European Biosafety Network publishes new guidance to prevent sharps injuries
Europe must act now to stop the spread of deadly diseases due to COVID-19
Healthcare workers and patients are being put at risk not only from COVID-19 but other deadly diseases as a result of an increase in sharps injuries entirely due to the pandemic. We must act now to stop this, not least as today is World Safety and Health at Work Day.
Sharps injuries are accidents where a needle or other medical sharp instrument penetrates the skin with the potential to transfer blood borne viruses, including HIV or hepatitis B or C, from the patient to healthcare worker and vice versa. Sharps injuries cause increased costs and disruption in the healthcare system, which have all been exacerbated by the pandemic anyway. Sharps injuries also have a major emotional and mental impact on staff who always put patients first and literally have put their lives on the line during COVID-19.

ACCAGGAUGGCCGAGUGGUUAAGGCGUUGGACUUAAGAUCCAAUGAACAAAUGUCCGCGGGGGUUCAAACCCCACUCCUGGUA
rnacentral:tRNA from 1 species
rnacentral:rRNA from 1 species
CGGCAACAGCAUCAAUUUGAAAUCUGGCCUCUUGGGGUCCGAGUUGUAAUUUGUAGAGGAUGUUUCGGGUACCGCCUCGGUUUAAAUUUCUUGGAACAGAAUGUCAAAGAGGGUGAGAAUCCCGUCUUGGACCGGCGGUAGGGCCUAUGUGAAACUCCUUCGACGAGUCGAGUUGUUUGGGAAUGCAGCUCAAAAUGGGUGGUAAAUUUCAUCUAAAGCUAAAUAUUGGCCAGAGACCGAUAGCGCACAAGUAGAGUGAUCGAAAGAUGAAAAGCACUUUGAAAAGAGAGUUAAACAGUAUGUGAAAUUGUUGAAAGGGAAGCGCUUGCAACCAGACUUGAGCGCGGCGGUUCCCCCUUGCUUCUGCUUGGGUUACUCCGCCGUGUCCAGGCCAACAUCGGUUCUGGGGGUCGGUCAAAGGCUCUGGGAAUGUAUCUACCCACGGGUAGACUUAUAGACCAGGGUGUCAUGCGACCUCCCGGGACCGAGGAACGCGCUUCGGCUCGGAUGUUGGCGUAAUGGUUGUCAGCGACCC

The preliminary findings of a survey by Ipsos MORI, commissioned by the European Biosafety Network (EBN), covering more than 300,000 healthcare workers in 80 large public hospitals across Europe show that the number of sharps injuries has increased by 22% over the last year: with 98% of respondents saying that the increase was a result of the increased pressure and stress due to COVID-19.
In 2017, the Medical Devices Regulation (MDR) was published and it included two new clauses which require that medical devices are used safely and should be designed and made to eliminate or prevent sharps injuries. Unfortunately there is a lack of clarity about what these clauses mean in practice which could lead to the use of medical devices that are not safe when the MDR is fully implemented at the end of May 2021.
To remedy this deficit, the EBN and the Spanish General Nursing Council are today publishing guidance which will ensure consistency in the implementation and interpretation of the MDR for Member States, Notified Bodies and manufacturers on these two clauses and recommends one objective criteria to be applied: medical devices incorporating safety-engineered protection systems.